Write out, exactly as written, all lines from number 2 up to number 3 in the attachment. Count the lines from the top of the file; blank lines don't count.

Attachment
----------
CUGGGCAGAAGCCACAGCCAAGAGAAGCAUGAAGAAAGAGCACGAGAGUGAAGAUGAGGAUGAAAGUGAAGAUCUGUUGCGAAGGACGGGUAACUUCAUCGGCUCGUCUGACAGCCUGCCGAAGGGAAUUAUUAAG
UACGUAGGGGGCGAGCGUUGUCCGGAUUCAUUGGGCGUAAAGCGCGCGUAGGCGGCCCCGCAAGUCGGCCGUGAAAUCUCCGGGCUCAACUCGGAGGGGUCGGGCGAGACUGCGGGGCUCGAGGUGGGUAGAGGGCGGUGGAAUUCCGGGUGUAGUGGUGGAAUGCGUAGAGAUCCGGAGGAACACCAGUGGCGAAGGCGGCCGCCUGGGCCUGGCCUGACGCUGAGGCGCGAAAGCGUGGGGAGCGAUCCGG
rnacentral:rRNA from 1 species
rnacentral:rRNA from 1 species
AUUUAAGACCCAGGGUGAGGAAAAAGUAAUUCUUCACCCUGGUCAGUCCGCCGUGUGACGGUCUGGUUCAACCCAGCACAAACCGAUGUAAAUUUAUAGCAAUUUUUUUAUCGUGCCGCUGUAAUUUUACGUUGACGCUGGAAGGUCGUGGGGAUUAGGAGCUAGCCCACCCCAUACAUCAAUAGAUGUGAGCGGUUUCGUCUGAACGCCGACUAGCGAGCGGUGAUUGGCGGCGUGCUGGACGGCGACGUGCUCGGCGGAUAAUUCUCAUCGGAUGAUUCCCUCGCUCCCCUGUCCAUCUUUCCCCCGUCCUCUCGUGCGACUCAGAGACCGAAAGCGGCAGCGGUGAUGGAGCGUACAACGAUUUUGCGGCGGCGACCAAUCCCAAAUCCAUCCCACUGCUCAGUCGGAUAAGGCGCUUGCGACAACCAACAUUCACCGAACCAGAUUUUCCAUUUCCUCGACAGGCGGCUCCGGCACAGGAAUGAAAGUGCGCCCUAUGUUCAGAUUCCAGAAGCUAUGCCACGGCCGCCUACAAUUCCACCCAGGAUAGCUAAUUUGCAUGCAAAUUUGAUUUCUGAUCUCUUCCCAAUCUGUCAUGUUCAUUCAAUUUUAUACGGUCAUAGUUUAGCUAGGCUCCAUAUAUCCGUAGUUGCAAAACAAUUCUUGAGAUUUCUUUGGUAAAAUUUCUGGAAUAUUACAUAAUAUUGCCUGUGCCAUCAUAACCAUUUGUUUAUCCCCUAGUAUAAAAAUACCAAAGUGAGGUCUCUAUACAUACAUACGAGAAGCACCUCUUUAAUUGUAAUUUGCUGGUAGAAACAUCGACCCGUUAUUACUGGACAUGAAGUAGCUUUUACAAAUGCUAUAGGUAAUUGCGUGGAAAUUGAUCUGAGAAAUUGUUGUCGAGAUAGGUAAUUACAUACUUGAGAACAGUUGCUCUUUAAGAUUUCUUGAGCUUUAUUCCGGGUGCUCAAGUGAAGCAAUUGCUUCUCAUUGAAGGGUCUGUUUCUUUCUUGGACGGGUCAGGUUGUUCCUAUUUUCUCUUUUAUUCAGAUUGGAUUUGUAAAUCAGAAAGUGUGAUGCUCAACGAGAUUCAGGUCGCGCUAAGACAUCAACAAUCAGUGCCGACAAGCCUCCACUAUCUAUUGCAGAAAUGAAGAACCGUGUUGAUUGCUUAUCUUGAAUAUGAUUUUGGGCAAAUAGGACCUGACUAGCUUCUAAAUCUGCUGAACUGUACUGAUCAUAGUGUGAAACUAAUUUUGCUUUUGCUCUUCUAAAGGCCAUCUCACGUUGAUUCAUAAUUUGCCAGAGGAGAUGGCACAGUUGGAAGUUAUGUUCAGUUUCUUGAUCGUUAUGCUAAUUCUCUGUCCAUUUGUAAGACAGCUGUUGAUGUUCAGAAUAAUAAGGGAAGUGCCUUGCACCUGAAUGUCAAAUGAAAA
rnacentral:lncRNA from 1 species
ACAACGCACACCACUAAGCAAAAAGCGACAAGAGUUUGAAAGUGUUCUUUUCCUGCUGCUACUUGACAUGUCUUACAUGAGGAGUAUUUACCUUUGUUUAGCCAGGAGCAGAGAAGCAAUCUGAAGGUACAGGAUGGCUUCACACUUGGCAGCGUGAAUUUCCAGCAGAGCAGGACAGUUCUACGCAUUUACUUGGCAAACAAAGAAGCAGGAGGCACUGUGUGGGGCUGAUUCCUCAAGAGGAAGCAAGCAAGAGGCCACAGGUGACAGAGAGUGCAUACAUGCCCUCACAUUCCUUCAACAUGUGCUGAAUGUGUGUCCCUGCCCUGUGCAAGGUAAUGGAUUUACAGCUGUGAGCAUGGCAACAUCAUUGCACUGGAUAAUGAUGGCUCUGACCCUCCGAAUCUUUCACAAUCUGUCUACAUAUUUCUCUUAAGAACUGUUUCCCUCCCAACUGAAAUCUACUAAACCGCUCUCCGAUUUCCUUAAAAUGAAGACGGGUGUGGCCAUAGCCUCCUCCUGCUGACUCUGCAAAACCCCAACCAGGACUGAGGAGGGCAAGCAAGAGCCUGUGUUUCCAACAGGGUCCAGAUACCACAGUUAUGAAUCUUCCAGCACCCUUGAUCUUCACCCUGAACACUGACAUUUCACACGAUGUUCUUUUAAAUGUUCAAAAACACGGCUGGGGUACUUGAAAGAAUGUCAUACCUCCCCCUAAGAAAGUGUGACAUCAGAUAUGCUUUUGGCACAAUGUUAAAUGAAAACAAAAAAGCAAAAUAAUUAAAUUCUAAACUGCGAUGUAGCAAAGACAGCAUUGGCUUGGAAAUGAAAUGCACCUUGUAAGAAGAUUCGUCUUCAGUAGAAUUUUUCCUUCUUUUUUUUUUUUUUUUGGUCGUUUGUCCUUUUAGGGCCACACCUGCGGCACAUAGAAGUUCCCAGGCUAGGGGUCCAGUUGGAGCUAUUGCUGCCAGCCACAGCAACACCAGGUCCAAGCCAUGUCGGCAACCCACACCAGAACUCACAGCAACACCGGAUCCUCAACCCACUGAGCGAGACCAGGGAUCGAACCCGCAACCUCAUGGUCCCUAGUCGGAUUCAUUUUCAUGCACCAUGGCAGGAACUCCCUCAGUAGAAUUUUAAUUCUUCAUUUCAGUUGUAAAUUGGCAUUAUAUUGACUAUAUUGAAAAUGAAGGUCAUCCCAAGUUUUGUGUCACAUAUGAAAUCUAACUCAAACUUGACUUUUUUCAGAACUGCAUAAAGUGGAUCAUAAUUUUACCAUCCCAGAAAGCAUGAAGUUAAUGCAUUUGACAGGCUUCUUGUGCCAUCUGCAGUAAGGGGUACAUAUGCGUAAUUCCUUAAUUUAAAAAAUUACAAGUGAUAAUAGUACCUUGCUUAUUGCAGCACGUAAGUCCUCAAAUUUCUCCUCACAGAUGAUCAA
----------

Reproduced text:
UACGUAGGGGGCGAGCGUUGUCCGGAUUCAUUGGGCGUAAAGCGCGCGUAGGCGGCCCCGCAAGUCGGCCGUGAAAUCUCCGGGCUCAACUCGGAGGGGUCGGGCGAGACUGCGGGGCUCGAGGUGGGUAGAGGGCGGUGGAAUUCCGGGUGUAGUGGUGGAAUGCGUAGAGAUCCGGAGGAACACCAGUGGCGAAGGCGGCCGCCUGGGCCUGGCCUGACGCUGAGGCGCGAAAGCGUGGGGAGCGAUCCGG
rnacentral:rRNA from 1 species